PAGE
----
As if going through puberty earlier than your peers wasn’t enough, a new analysis suggests there may be a link between starting your period before age 12 and increased risk of cardiovascular disease, which includes heart attack, congenital heart disease, coronary heart disease, angina, and stroke. Other health factors, including early menopause, hysterectomy, and complications with pregnancy, also appeared to be linked to a heightened risk of cardiovascular disease.
The analysis, published in the online journal Heart, looked at data from a UK Biobank study which surveyed over a quarter of a million women. In addition to completing a survey, which gave researchers information on personal and medical history, participants’ physical health was also monitored over the course of seven years. During that time, researchers recorded 3078 cases of cardiovascular disease in female participants, including coronary artery disease and stroke.
According to an analysis of these cases along with the women’s health surveys, there was a 10 percent greater risk of cardiovascular disease among women whose period started before age 12 compared to those who were 13 or older when their period began.
Though researchers are still unable to conclude what causes this link — and it’s important to remember that correlation does not equate to causation — the study’s authors suggest “more frequent cardiovascular screening would seem to be sensible among women who are early in their reproductive cycle … as this might help to delay or prevent their onset of [cardiovascular disease].”
The analysis also showed that going through early menopause was linked to a 33 percent increased risk of cardiovascular disease as well as a 42 percent increase in stroke. Having a hysterectomy was showed a 12 percent heightened risk of cardiovascular disease and a 20 percent increase for heart disease. Having the ovaries removed before a hysterectomy also appeared to be a risk factor as participants’ who’d had such a procedure were “twice as likely to develop cardiovascular disease as those who hadn't.”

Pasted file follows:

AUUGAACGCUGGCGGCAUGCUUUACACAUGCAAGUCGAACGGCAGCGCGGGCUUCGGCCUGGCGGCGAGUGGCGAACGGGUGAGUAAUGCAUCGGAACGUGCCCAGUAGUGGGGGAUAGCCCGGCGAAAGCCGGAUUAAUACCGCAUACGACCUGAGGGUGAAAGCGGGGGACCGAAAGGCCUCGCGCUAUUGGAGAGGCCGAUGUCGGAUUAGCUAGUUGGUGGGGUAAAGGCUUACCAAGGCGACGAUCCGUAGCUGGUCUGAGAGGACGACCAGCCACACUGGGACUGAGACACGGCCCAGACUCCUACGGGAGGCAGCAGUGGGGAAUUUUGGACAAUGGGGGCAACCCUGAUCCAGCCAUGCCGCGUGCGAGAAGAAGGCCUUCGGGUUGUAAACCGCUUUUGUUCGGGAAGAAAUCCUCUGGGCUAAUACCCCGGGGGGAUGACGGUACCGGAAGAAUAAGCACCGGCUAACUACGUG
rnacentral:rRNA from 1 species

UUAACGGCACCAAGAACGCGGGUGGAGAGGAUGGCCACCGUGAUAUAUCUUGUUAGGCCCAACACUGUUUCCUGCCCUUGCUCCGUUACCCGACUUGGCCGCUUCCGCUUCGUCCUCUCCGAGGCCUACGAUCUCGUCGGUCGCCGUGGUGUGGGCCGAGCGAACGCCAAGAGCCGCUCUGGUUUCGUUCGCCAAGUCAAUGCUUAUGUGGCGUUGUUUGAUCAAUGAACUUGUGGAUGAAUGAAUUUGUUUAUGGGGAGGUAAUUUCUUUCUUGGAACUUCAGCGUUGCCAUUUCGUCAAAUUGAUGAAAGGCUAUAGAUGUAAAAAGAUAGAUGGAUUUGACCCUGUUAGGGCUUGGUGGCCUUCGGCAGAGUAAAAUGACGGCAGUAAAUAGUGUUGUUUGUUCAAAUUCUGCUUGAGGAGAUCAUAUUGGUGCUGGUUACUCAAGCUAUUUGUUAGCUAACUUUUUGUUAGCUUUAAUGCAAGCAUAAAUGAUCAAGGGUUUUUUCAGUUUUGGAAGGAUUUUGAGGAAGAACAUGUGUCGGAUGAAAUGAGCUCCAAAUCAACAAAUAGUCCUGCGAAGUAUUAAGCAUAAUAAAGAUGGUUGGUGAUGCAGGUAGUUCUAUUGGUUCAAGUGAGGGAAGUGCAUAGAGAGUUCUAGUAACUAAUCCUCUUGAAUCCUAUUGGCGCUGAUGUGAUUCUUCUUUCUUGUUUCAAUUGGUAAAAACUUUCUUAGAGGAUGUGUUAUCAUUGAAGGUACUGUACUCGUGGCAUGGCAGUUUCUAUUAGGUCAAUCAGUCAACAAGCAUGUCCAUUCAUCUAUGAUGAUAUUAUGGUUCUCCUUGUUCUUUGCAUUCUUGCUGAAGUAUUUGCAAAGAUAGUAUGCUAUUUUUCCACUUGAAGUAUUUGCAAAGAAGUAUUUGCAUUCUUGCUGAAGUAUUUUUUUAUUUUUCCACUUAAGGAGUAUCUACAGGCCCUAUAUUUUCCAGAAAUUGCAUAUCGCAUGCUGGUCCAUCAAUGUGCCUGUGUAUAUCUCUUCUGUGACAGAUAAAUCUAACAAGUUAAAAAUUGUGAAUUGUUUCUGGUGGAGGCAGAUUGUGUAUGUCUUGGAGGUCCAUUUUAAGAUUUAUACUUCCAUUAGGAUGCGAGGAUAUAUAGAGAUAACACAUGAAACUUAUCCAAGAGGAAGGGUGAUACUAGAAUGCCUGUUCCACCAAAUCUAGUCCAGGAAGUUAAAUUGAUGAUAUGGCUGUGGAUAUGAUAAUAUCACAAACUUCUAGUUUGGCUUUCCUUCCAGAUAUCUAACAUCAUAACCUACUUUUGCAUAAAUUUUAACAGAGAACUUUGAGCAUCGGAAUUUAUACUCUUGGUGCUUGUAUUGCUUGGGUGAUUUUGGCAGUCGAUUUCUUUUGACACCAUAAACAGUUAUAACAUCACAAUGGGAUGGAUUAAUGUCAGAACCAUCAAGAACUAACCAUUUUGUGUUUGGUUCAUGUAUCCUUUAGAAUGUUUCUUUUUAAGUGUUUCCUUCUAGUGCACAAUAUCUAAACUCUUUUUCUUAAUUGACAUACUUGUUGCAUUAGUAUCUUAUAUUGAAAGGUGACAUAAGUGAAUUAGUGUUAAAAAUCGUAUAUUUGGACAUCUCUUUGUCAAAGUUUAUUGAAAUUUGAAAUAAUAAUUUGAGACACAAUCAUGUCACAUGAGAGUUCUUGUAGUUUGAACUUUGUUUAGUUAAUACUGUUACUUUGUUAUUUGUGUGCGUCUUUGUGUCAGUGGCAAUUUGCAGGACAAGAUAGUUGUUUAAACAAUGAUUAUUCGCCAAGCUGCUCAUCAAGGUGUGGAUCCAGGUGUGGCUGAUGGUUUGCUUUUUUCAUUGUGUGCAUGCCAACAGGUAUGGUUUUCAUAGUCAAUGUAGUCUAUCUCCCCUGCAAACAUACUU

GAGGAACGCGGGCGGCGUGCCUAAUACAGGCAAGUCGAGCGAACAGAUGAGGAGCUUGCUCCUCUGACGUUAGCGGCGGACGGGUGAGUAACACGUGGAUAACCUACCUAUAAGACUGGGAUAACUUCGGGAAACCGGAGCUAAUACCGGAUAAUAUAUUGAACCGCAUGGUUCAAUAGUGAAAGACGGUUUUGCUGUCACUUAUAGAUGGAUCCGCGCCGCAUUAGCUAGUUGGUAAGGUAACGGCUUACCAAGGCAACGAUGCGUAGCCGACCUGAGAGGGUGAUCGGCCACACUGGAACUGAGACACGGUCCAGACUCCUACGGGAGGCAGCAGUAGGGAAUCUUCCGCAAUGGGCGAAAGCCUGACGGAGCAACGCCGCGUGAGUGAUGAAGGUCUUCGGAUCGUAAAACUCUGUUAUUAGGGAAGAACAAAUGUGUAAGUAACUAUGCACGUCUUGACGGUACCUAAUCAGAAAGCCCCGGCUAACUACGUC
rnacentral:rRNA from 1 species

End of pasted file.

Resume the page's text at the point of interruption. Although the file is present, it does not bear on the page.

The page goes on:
Becoming a parent at a young age was also linked to higher risk of heart disease, with each additional year lessening the risk by about 3 percent. However, the analysis found this to be true among both men and women which suggests, as the study states, “that social, psychological, and behavioral factors may be more important than biological ones.”
Early puberty has also been linked to other increased health risks with one recent study suggesting getting your period may be related to depressive symptoms as an adult. Conducted by researched from Cornell College, the 14-year-long study found girls who got their period at a younger age showed higher rates of depressive symptoms and antisocial behaviors, including stealing, lying, and not complying with rules, as adults.
Dr. Jane Mendle, lead researcher of the study, told Tonic the correlation was “small but significant.” What's particularly interesting is how long this link appears to last into adulthood. The study’s results suggest “puberty is as strongly associated with depressive symptoms and antisocial behavior during adulthood as it is during adolescence,” Dr. Mendle told Reuters. “There may be an age when everything evens out, but our study results suggest that it’s not necessarily by age 28.” Dr. Mendle said to Tonic. However, Dr. Mendle's study concluded once the participants turned 28.
If you, like me, got your first period a whole two seconds after your 11th birthday, there’s no need to panic entirely. Again, while these studies may suggest a heightened risk of health problems, they are not yet conclusive. And (again) a “link” is by no means a guaranteed cause. Simply being aware that you may be at a heightened risk (paired with talking to your doctor about potential early screenings) will put you in a better spot health-wise.